I have spent this evening at a potluck dinner at a friend’s house. All of us are expats; mostly Asian and European. Most of us work in finance or IT and natter to our fellows in the nigh-impenetrable jargon of our chosen professions. One lady is a visiting friend from Korea who cheerfully takes photos of everything in the house and poses for photos while rocking the typical Asian peace sign. It makes me feel a bit nostalgic for Asia, where I lived for many years. I have albums of photos from my time there where every single person in each photo is rocking that cocked-wrist peace sign.
Non-verbal culture differences: Flip that palm to face yourself and you have the insulting English V sign, remnant of the warlike Harry’s smackdown at Agincourt. One of my British co-workers has posted albums of photos on Facebook where every single person in each photo is flipping that V sign. The Hogwarts-esque scarves draped about the wearers hint that those photos were taken before, during or just after a football match. (Possibly before, during or after a football riot.) Duality of man, baby.
We’ve prepared a hodgepodge of Asian dishes for dinner, most of it authentic or close enough. There really isn’t what you would call a good Chinese grocery store in our vicinity. Hell, there isn’t even a Chinese restaurant for 500 miles. So some of the spices and ingredients have been obtained during overseas trips to metropolitan areas with Asian populations large enough to keep Asian grocery stores in business. You need enough local consumer demand to sustain the industry that produces and supplies the exotic stuff.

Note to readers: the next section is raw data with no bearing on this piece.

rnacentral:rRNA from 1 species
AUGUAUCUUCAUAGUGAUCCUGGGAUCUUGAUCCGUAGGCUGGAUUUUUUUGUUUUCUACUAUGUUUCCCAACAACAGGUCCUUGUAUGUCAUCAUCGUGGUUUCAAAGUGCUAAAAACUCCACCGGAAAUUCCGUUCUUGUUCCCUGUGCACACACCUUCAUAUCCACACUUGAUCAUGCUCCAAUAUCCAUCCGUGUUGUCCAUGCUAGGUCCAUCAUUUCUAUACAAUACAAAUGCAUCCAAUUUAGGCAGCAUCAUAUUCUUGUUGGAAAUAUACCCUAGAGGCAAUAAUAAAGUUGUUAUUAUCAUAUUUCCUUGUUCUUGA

Another one of the Korean ladies is wed to a laid-back Aussie. She explains her Korean pancake recipe in halting but enthusiastic English, with frequent vocabulary assistance from her husband. She also ventures some funny and racy anecdotes, supplementing the stories with hand gestures and Korean onomatopoeia. I wonder how she and her monolingual husband can really communicate complicated concepts to each other, but they seem happy enough together. Perhaps there are hand gestures enough to cover all marital eventualities. Maybe they agree to disagree via Babelfish. Slam doors and smash plates without Babelfish. Our hosts are another East-West combo meal. He’s European and she’s from Hong Kong. Her English is better than his. Both speak English fluently, but with noticeable accents. English is the third or fourth language for both of them.
Nowadays, I’m trying to learn Japanese again. So I hang out in Japanese chatrooms and try to decipher the glyphs that scroll past and occasionally venture my own simple sentences. (“おはよう。” Read. Read. Scroll down. Refer to dictionary. What was that he said about onigiri? Oh bugger, he’s leaving the chat. “お休み。” No doubt. Must have been boring talking to me.) I’ve been trying to learn Japanese for two decades now, but I have never been able to make the sustained effort to get really good. Maybe because Japanese was always optional for me. I have never HAD to learn. While we are all clustered around the island in the fragrant kitchen, our hostess presses the wrong thing on her complicated Japanese rice cooker and needs help finding the CANCEL button. The buttons are all in Japanese hiragana. I have no idea what any of the buttons mean. I press the orange button marked “とりけし” because orange is most likely to mean CANCEL. It works. Later on, Google tells me とりけし does indeed mean CANCEL. It is normally written with Kanji thusly: 取り消し, which our Hong Kong hostess would have been able to understand, being that the Kanji means the same thing in Chinese.